4. A few songs like “Control Zone” are quite experimental and the notes and modulation of synth parameters was achieved with hand and finger movement in space and I never touched a physical key or button during recording.
  5. Some songs on the album are a retelling of some of the songs on REBOOT, but from a very different point of view. For example, “When Connected” is the same “story” as  REBOOT’s “Infected” but as viewed from the opposite point of view.
  6. While the songs are copyrighted, I’m making them available under a Creative Commons Attribution-NonCommercial-ShareAlike 3.0 License so you podcasters, bloggers, and hobbyists can safely use the music in your productions as long as you offer an attribution. Drop me an email if you use a track so I can check out your work.
  7. The images in the digital booklet/liner notes are all original and based on photographs taken by me and my children. I did the graphic design work.

LISTENING TIPS

  1. Both the REBOOT and I HEAR YOUR SIGNALS are albums in the sense that the songs played in sequence tell a story. If you can spare the time, spin them the albums at least once in one sitting.
  2. If you don’t have time to listen to the whole album try and eke out 5 minutes and listen to each track without skipping. These are instrumental compositions and not dance floor tracks so they have a beginning, middle and end:^).
  3. A lot of work went into the mix and there are dynamics, sounds, positioning of sounds you’ll miss on computer speakers. So listen with with some nice headphones or on a nice system with a sub-woofer.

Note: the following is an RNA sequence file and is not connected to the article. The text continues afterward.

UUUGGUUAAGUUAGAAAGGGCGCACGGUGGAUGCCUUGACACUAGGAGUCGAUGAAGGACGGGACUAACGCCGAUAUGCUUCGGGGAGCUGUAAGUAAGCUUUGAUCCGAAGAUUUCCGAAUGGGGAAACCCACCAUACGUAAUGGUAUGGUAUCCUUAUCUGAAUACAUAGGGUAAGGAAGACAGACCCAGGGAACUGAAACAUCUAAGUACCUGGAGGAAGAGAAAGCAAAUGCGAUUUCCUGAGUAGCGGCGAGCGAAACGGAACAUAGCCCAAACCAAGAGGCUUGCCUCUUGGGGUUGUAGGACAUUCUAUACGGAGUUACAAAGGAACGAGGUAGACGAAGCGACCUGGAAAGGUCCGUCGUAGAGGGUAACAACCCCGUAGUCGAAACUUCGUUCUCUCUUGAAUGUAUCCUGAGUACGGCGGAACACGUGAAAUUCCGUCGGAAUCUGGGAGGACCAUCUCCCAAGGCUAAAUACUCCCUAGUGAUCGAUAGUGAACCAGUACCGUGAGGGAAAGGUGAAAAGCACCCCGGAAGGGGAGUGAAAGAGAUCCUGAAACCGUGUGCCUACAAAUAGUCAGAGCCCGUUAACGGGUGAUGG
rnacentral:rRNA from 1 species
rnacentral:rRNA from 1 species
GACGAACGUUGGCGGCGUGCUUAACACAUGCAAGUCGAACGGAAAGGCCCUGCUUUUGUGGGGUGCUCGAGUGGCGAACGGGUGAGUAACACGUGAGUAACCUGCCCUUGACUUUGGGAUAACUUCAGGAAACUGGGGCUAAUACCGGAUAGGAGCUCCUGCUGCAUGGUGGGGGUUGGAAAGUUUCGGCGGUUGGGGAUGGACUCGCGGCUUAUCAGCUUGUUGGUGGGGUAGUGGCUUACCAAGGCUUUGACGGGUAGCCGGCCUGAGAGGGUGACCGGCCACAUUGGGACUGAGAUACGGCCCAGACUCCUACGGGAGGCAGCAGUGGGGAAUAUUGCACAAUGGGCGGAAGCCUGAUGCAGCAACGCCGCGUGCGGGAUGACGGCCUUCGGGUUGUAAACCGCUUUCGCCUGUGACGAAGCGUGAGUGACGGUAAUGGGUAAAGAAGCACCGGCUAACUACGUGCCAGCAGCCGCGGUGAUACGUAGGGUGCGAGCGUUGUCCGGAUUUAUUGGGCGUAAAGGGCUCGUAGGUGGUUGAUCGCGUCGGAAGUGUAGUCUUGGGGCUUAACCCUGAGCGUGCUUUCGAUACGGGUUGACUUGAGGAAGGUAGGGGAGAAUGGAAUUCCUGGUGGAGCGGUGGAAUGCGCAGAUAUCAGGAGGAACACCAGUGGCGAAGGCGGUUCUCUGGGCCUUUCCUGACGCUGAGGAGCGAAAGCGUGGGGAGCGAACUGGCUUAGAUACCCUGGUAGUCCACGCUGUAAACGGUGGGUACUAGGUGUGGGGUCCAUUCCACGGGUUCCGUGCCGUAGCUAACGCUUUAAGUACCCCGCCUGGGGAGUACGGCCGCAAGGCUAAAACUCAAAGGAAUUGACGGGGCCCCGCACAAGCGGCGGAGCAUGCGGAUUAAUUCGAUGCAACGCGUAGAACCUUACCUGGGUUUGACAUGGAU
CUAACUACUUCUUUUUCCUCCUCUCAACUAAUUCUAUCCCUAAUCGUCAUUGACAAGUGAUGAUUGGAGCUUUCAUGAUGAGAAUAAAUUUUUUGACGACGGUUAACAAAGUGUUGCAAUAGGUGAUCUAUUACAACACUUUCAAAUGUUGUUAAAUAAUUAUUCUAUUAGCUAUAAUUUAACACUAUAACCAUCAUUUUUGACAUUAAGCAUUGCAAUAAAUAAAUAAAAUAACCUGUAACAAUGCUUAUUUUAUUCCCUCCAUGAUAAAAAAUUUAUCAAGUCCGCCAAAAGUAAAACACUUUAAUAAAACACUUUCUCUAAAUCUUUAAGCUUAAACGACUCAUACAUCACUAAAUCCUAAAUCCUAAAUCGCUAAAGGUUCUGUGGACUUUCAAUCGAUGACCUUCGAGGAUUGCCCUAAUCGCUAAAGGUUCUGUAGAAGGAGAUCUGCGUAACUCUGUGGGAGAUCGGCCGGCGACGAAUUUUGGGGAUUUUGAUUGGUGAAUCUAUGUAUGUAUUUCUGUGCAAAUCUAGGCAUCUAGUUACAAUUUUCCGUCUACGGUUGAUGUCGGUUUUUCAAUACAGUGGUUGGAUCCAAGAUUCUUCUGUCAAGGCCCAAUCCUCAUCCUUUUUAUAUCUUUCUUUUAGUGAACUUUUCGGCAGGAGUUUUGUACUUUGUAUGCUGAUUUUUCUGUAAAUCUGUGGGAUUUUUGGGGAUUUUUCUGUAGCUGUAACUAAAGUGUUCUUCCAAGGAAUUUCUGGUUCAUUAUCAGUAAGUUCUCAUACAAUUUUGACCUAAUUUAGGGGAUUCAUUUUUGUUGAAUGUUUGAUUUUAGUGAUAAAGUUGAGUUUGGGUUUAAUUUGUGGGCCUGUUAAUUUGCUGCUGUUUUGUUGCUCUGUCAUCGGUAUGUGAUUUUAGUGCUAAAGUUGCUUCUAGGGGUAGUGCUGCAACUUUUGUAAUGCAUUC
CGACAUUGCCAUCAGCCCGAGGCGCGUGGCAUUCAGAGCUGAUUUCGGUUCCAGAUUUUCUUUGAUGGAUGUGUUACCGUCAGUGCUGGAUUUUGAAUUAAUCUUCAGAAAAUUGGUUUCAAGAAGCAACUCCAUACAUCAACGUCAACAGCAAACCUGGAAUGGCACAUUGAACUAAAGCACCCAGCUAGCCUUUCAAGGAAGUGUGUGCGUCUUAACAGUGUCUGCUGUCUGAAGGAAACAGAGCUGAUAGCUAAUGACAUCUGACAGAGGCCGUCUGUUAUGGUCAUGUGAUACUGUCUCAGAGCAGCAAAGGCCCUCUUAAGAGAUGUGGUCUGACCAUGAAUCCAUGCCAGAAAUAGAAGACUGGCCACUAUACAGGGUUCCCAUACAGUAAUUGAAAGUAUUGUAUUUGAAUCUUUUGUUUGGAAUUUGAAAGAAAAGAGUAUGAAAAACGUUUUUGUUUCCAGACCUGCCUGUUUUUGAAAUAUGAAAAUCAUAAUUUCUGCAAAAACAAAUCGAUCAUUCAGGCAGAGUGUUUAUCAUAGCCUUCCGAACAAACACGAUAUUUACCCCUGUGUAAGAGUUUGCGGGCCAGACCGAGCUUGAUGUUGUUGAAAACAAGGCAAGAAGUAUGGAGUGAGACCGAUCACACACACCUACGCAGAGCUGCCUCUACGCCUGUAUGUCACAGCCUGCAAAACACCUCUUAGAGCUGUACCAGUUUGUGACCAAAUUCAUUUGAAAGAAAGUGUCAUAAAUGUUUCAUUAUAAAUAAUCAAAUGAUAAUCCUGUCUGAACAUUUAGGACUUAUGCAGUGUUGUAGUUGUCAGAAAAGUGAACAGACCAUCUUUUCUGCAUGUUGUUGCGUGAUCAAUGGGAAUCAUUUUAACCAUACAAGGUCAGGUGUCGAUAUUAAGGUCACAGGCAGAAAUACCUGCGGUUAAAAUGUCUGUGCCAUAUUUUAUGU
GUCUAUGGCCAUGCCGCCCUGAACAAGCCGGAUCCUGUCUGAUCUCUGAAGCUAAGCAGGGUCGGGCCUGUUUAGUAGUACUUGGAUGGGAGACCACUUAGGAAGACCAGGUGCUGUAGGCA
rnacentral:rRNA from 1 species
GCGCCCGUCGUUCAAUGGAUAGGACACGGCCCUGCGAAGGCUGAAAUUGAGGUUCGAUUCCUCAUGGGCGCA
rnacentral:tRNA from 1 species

I hope you’ve found this information more entertaining and fun than a stuffy old press release.  Drop me an email or leave comments on this post and let me know which songs you like best!

Thanks again for your support and please tell your friends about I HEAR YOUR SIGNALS.

Mark Mosher
Electronic Musician, Boulder, CO
www.MarkMosherMusic.com


Overview and Time-Lapse Video of My Ableton Live Laptop Music Rig + Controllers

2010-MarkMosher-Signals-Rig_01

Over the years I’ve played hundreds of shows as a keyboardist using my trusty Apex column with various hardware synths.  In late 2009 I had a vision to create a new Ableton Live laptop-centric rig using only virtual synths running in Live.

While I wanted to play some keys, I was really excited to add alternative visual, tangible, and spatial controllers and selected Percussa AudioCubes, Tenori-On, a Novation Launchpad. I went with my trusty Remote SL 25 for keys as it also doubles as a controller for Live. In the 11th hour I added a Moog Ehterwave Theremin which was clearly necessary to play “They Walk Among Us” live :^).

I’ve played enough shows to know that you can’t always count on basic lighting and P.A. to be adequate, so I added these elements to my requirements as well – just in case. My goal was to be able to run a room of 80 people if needed with just my rig. My other goal was 4 trips from the car load-in max with a 15 minute setup time or less.

The sketch above shows all this on paper (click the image to see a larger view). After months of slowly building up gear, the reality - sans lighting - is shown in the fun little time-laps video embedded video below.